Blue Star Equiculture currently manages their manure by hauling it to a nearby field. The Blue Star Equiculture has 30-40 horses at any time and expects an increase in number of animals. Considering an average of 45 lbs/day of raw manure, 35 horses generate a yearly mass of 575,000 lbs (287 tons) of raw manure that affects the Lower Ware River and Chicopee main stem. The current loading of nutrients by the Blue Star Equiculture herd is roughly 4000 lbs/year of nitrogen and 1200 lbs/year of phosphorus. This has implication on macrophyte growth and eutrophication of the Chicopee River.

The 30 herd horses in Blue Star Equiculture can contribute to 4.6 x 10¹² organisms/year of fecal coliform, and can lead to water quality impairment in the Chicopee and Connecticut rivers. The first system consisted of three plastic trash bins, each holding roughly 750 pounds of waste (Figures 1 and 2). The bins are connected to an air compressor/air blower which automatically turns on for roughly one minute every hour. The exact duration and frequency of the aeration varies and is controlled by a low cost credit card sized microcomputer with temperature sensors. It is calculated based on ambient and manure temperature and the composting phase. The automated adaptability increases the composting success and sustains the processes into the colder seasons. Furthermore an optional WIFI internet connection provides remote process monitoring and alerting. Finished compost is ready in 7-8 weeks including curing time. A layer of finished compost added to the top of the waste facilitates the process.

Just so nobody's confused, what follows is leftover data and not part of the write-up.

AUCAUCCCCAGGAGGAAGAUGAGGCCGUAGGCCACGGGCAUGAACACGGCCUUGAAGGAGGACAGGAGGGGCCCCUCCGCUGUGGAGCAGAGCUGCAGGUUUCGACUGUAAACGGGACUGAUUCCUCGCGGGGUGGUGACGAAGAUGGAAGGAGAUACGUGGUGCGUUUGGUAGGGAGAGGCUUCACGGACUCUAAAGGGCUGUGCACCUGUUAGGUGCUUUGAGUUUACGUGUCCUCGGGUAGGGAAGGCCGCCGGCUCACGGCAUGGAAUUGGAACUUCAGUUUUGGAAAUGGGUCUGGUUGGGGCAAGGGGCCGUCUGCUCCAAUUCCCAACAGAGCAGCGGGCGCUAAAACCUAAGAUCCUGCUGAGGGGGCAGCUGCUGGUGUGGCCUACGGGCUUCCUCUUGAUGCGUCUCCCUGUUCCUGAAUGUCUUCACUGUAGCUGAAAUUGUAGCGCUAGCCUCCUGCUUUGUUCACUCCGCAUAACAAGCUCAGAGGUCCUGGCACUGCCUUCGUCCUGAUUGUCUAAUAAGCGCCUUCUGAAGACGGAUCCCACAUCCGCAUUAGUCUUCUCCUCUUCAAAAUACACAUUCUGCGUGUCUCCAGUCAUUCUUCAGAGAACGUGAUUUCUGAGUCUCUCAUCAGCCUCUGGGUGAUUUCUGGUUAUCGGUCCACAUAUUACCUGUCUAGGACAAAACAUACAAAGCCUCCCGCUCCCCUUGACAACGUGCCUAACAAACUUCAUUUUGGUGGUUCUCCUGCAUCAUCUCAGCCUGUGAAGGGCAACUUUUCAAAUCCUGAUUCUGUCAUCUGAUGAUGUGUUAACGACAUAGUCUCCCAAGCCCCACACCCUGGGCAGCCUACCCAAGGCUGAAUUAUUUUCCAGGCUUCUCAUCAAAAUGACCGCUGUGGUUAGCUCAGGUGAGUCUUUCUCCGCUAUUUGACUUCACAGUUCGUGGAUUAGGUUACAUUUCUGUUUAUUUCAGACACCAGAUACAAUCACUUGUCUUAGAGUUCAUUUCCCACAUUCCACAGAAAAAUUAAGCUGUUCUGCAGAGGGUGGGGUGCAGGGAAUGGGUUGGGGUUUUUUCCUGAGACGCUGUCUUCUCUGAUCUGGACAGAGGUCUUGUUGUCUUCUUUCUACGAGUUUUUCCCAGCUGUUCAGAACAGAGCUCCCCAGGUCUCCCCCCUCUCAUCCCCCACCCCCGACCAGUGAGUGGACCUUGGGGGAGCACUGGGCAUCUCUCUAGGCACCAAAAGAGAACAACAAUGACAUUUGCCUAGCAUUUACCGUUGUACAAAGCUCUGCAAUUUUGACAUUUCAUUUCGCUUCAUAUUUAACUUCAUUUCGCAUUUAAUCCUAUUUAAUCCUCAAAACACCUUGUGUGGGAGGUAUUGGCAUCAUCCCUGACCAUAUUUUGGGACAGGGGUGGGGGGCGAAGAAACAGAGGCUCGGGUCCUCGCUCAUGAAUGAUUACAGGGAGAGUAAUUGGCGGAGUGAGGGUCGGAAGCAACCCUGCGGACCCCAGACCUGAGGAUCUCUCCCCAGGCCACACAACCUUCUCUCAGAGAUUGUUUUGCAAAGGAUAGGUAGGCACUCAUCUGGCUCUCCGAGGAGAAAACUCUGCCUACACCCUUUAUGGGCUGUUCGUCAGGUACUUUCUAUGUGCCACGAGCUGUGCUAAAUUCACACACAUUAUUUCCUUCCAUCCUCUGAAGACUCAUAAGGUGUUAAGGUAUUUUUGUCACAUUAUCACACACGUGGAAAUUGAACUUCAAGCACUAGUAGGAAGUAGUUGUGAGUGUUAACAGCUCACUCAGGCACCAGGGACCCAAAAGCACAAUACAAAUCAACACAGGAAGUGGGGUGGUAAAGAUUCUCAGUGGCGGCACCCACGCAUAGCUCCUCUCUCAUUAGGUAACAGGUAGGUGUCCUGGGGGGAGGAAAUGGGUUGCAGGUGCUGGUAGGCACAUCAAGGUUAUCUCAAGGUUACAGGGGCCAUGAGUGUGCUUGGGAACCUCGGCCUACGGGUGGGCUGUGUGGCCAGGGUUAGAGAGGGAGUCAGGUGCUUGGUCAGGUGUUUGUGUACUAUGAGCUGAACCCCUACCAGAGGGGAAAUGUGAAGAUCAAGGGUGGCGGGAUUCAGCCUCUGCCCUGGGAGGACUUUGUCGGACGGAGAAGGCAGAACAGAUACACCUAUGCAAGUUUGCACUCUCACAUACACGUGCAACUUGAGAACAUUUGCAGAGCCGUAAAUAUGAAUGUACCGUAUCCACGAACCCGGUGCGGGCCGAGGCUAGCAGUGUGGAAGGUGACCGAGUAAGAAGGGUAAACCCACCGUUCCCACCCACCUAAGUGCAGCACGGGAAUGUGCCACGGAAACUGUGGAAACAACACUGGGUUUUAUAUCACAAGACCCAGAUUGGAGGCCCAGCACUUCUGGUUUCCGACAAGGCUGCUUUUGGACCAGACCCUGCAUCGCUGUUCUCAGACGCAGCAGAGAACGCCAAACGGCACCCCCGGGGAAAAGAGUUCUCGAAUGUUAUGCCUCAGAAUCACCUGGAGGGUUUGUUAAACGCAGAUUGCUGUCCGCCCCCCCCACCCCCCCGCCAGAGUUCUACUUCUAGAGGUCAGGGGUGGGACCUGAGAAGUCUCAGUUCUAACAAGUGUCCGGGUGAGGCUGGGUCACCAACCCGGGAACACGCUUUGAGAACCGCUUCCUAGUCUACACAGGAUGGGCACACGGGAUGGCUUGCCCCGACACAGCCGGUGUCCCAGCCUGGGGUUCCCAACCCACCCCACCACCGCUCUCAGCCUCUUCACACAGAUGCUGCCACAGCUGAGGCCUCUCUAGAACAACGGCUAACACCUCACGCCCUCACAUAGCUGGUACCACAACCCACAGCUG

The wheels under the bins make collection of waste in the stall much easier. This simple and cost efficient system is especially applicable in facilities with 1-3 horses.